Weeding Out Spam

By Michael Miller  |  Posted 2003-07-29 Print this article Print

Like weeds, spam just keeps coming back. But new legislation, better anti-spam programs, and good behavior can help.
The Supreme Court's Library Rule With the summer upon us, I cant help but see the parallels between the weed problem that plagues those of us with lawns and the spam problem. I keep trying new solutions, from pulling them out to spraying them with a variety of weed killers, but they keep coming back. Like spam, weeds are just impossible to escape.

There is no magic bullet, but I am hopeful that we can reduce the amount of unsolicited e-mail through a combination of legislation, better software, and changes in behavior. Congress is currently debating several bills, with CAN-SPAM (S 877) in the Senate and RID Spam (H.R. 2214) in the House having the most support.

Both bills call for e-mail mass-marketers to label their messages as marketing, use valid return addresses, and enable consumers to opt out of additional messages by taking their names off mailing lists. The House version would let state and federal officials and ISPs sue spammers, while the Senate version would impose fines for sending unsolicited e-mail to people who have opted out. Other bills call for the Federal Trade Commission to set up a Do Not Spam list, similar to its Do Not Call list, or for rewarding people who report spammers to the FTC.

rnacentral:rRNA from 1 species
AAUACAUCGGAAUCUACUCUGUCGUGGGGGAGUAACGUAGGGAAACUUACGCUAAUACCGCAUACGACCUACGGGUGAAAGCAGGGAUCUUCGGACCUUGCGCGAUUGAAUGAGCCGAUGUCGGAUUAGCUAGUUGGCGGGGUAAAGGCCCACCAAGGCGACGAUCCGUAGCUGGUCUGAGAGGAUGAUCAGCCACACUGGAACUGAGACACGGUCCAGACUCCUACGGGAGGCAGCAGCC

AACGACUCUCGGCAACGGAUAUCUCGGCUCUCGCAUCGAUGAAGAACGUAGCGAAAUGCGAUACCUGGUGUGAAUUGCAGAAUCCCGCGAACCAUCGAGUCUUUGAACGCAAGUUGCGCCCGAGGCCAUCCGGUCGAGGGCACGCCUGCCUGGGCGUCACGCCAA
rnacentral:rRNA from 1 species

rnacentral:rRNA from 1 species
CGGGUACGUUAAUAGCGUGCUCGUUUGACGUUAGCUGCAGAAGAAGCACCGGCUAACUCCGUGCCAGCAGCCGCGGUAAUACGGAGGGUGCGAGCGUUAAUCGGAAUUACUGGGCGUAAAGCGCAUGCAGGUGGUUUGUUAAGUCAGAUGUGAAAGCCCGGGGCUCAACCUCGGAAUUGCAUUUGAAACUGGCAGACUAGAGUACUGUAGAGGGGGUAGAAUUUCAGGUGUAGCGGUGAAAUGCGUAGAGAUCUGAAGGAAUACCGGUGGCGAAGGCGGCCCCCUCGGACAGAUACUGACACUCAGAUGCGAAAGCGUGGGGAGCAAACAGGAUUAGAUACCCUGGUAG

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Michael J. Miller is Executive Vice President and Editorial Director of Ziff Davis Media Inc., where he takes an active role in corporate editorial issues, helps identify new editorial needs in the marketplace and shapes the editorial process of every Ziff Davis Media publication.

He joined the company in 1991 as Editor-in-Chief of PC Magazine. Under Miller's supervision, PC Magazine has grown to have the largest readership of any technology publication in the world, at 5.9 million readers. He oversaw the redesign of PC Magazine, the launch of pcmag.com and an expansion of PC Magazine Labs, the largest computer testing lab run by any publication.

Prior to joining PC Magazine, Miller was editor-in-chief of InfoWorld, which he joined as executive editor in 1985. Previously, he was the West Coast Bureau Chief for Popular Computing, and Senior Editor for Building Design & Construction.

An experienced public speaker and veteran technology journalist, Miller has become the 'spokesperson' for the technology industry. He has received several awards for his writing and editing, including being named to Medill's Alumni Hall of Achievement. In 2002, Mr. Miller was named the number one consumer/computer journalist by Technology Marketing magazine.

Mr. Miller holds a Master of Science degree in Journalism from the Medill School of Journalism at Northwestern University in Evanston, Illinois. He also holds a Bachelor of Arts degree in Computer Science from Rensselaer Polytechnic Institute in Troy, New York.


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